||The total process of collecting, compiling and publishing demographic, economic and social data pertaining to all persons in a defined territory at a specified time. The census may thus provide a primary source of information about the population of a country; given its legal status, its coverage, the scale of the operation and resources devoted to it, and that it takes place under the auspices of some governmental authority, it permits a far greater content and depth of analysis than can normally be produced by other methods.
Enumerations of population were carried out in ancient times, but the earliest modern censuses took place in Scandinavia and in some Germanic and Italian states in the eighteenth century. The first census of Iceland, for example, was in 1703, of Sweden in 1749 and Denmark in 1769. The first general census of the USA took place in 1790, although there had been earlier state censuses. In Britain and France the first censuses were held in 1801 and during the nineteenth century all European countries initiated periodic population censuses (Willigan and Lynch, 1982). Governmental attitudes to census-taking varied: some countries equated population numbers with military or economic strength, while others saw the census as a basis for the distribution of resources. In the USA, a specific provision for a population count was made in the Constitution as state populations were to be used to apportion the members of the House of Representatives (Daugherty and Kammeyer, 1995). Aggregate census data are usually in the public domain, though an example of the sensitivity and secrecy surrounding the census comes from the USSR in 1937 when a census was conducted but the results treated as state secrets. During the present century, and especially since 1945, most countries of the world have begun to take censuses, although with widely varying frequency and reliability. Though critiques have been relatively little developed by population geographers, census-taking may be seen as part of the wider monitoring by states of human activity (see, for example, surveillance).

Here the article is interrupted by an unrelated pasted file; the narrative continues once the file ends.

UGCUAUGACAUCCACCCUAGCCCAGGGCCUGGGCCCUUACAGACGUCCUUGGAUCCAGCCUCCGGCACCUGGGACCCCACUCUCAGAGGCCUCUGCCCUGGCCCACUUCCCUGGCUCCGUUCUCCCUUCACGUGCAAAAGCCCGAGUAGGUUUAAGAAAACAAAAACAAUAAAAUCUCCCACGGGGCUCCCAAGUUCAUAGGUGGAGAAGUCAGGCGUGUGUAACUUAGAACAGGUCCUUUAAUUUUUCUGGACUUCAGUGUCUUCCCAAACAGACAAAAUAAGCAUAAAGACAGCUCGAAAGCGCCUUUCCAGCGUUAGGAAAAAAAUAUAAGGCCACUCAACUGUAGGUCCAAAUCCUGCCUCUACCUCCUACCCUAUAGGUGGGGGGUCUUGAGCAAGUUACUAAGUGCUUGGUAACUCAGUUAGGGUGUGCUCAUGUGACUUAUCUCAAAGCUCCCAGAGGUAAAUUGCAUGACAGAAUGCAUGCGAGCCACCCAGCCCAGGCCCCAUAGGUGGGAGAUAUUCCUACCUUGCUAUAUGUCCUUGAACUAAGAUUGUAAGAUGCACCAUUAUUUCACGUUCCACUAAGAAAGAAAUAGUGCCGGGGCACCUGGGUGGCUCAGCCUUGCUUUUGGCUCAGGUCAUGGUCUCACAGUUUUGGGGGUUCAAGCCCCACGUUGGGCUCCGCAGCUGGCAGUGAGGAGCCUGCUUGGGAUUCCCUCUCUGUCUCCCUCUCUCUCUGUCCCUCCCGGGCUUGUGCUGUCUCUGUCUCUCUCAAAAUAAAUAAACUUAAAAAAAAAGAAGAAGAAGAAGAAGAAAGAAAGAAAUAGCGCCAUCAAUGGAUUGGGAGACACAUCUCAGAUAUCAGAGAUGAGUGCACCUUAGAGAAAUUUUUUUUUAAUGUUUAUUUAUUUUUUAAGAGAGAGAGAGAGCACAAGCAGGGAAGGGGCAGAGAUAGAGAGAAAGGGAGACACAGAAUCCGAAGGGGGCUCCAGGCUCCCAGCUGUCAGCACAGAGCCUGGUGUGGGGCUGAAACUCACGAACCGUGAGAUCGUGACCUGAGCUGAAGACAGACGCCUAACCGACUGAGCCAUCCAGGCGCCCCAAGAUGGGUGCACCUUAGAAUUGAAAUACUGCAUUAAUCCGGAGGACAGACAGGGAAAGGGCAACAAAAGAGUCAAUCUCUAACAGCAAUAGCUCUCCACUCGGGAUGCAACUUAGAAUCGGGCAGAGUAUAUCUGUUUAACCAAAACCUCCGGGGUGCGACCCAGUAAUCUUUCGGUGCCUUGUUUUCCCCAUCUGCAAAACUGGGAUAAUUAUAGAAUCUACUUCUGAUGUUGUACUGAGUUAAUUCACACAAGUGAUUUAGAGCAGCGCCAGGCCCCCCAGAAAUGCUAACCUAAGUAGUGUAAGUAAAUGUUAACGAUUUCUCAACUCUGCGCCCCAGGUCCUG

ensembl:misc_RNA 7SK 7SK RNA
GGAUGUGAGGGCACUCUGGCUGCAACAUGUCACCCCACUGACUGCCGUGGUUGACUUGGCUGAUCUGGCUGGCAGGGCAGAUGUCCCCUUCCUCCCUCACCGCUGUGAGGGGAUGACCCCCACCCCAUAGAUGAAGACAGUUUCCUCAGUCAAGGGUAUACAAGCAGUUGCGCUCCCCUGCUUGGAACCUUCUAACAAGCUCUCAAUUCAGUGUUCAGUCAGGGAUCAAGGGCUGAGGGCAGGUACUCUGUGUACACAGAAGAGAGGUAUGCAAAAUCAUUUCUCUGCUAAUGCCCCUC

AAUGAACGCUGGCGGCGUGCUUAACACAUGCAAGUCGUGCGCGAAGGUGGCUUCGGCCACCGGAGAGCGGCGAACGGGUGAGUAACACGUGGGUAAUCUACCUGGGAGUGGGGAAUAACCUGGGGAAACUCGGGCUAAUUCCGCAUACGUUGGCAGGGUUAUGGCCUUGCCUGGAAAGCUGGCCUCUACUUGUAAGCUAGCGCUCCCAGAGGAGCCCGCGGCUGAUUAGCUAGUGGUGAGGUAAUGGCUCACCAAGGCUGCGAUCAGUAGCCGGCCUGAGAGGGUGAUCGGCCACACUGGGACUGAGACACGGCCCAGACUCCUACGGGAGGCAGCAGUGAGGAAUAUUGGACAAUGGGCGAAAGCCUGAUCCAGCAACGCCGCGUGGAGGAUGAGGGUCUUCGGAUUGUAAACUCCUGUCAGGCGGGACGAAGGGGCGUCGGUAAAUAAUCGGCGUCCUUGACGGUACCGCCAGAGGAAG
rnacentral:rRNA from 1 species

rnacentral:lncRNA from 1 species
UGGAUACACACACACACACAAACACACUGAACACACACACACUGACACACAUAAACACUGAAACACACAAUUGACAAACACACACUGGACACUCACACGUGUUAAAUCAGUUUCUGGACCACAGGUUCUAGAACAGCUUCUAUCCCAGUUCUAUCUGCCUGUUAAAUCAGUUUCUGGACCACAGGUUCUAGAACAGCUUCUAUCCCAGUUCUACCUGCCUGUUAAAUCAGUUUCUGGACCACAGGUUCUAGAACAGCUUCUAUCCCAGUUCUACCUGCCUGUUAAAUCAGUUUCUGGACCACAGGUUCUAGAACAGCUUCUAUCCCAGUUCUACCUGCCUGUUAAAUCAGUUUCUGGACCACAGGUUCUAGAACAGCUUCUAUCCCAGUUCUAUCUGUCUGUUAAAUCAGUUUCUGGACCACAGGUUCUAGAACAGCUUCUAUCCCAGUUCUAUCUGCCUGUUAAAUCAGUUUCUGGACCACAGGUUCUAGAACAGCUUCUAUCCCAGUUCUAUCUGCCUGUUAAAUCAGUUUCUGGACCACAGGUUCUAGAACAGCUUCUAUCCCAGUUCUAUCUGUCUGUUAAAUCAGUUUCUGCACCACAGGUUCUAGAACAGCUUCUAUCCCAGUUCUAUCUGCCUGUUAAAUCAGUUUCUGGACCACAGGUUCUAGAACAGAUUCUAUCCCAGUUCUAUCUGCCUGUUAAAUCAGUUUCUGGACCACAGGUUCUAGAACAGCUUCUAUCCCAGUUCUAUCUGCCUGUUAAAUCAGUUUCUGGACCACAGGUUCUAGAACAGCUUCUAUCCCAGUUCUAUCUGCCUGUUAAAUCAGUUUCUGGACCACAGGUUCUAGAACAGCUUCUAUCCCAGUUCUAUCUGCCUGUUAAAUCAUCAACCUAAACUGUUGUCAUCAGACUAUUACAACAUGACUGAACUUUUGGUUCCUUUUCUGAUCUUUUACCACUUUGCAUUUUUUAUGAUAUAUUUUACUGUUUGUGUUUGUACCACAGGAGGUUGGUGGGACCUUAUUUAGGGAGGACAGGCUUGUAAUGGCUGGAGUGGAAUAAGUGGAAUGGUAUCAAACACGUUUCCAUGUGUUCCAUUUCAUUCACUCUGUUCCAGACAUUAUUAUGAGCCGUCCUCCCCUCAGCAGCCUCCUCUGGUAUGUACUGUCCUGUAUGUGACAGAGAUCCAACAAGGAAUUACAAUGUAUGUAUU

The census has sometimes proved controversial not only because it is generally compulsory but also because of the sensitivity of questions surrounding, for example, religion or ethnicity (on the latter in the 1991 UK census, see Coleman and Salt, 1996; Peach 1996). It may also be prone to inaccuracy, for example in the recording of age. The categories it adopts may be rather inflexible for the understanding of social structure and change, and may themselves represent a particular view of society. Questions asked need to be adapted to changing population behaviour and structure (for example to take account of cohabitation or divorce or changing ethnicity).